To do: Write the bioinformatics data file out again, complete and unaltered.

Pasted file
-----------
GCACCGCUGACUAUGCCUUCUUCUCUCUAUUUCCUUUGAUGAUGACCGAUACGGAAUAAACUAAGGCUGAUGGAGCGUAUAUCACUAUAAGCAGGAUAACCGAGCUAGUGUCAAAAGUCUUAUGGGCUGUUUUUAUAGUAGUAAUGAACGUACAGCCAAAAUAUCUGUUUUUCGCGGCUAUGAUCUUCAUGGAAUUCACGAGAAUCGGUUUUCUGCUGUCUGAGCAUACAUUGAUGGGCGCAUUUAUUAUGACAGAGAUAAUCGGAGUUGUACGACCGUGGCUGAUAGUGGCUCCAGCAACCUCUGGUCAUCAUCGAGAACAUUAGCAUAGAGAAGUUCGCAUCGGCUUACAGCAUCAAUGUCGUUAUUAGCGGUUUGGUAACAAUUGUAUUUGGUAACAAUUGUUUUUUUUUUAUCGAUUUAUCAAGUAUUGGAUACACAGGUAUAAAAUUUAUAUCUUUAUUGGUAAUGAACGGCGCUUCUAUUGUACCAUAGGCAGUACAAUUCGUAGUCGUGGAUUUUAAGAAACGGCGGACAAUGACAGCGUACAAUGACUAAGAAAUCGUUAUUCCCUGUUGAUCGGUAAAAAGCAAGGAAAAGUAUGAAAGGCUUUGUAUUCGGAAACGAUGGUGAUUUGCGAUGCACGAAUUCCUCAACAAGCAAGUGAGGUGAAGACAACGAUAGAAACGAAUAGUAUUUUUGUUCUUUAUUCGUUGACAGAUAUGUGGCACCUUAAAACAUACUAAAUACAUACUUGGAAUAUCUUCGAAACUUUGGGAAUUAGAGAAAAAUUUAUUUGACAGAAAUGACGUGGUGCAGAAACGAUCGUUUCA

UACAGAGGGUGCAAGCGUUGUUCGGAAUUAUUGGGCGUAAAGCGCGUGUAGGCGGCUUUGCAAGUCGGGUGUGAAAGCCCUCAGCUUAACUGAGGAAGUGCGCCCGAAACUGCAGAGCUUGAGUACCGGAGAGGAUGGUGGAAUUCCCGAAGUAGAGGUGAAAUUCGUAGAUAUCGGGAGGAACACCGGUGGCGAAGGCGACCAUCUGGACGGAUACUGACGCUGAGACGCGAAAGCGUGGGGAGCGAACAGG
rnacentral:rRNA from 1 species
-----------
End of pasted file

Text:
GCACCGCUGACUAUGCCUUCUUCUCUCUAUUUCCUUUGAUGAUGACCGAUACGGAAUAAACUAAGGCUGAUGGAGCGUAUAUCACUAUAAGCAGGAUAACCGAGCUAGUGUCAAAAGUCUUAUGGGCUGUUUUUAUAGUAGUAAUGAACGUACAGCCAAAAUAUCUGUUUUUCGCGGCUAUGAUCUUCAUGGAAUUCACGAGAAUCGGUUUUCUGCUGUCUGAGCAUACAUUGAUGGGCGCAUUUAUUAUGACAGAGAUAAUCGGAGUUGUACGACCGUGGCUGAUAGUGGCUCCAGCAACCUCUGGUCAUCAUCGAGAACAUUAGCAUAGAGAAGUUCGCAUCGGCUUACAGCAUCAAUGUCGUUAUUAGCGGUUUGGUAACAAUUGUAUUUGGUAACAAUUGUUUUUUUUUUAUCGAUUUAUCAAGUAUUGGAUACACAGGUAUAAAAUUUAUAUCUUUAUUGGUAAUGAACGGCGCUUCUAUUGUACCAUAGGCAGUACAAUUCGUAGUCGUGGAUUUUAAGAAACGGCGGACAAUGACAGCGUACAAUGACUAAGAAAUCGUUAUUCCCUGUUGAUCGGUAAAAAGCAAGGAAAAGUAUGAAAGGCUUUGUAUUCGGAAACGAUGGUGAUUUGCGAUGCACGAAUUCCUCAACAAGCAAGUGAGGUGAAGACAACGAUAGAAACGAAUAGUAUUUUUGUUCUUUAUUCGUUGACAGAUAUGUGGCACCUUAAAACAUACUAAAUACAUACUUGGAAUAUCUUCGAAACUUUGGGAAUUAGAGAAAAAUUUAUUUGACAGAAAUGACGUGGUGCAGAAACGAUCGUUUCA

UACAGAGGGUGCAAGCGUUGUUCGGAAUUAUUGGGCGUAAAGCGCGUGUAGGCGGCUUUGCAAGUCGGGUGUGAAAGCCCUCAGCUUAACUGAGGAAGUGCGCCCGAAACUGCAGAGCUUGAGUACCGGAGAGGAUGGUGGAAUUCCCGAAGUAGAGGUGAAAUUCGUAGAUAUCGGGAGGAACACCGGUGGCGAAGGCGACCAUCUGGACGGAUACUGACGCUGAGACGCGAAAGCGUGGGGAGCGAACAGG
rnacentral:rRNA from 1 species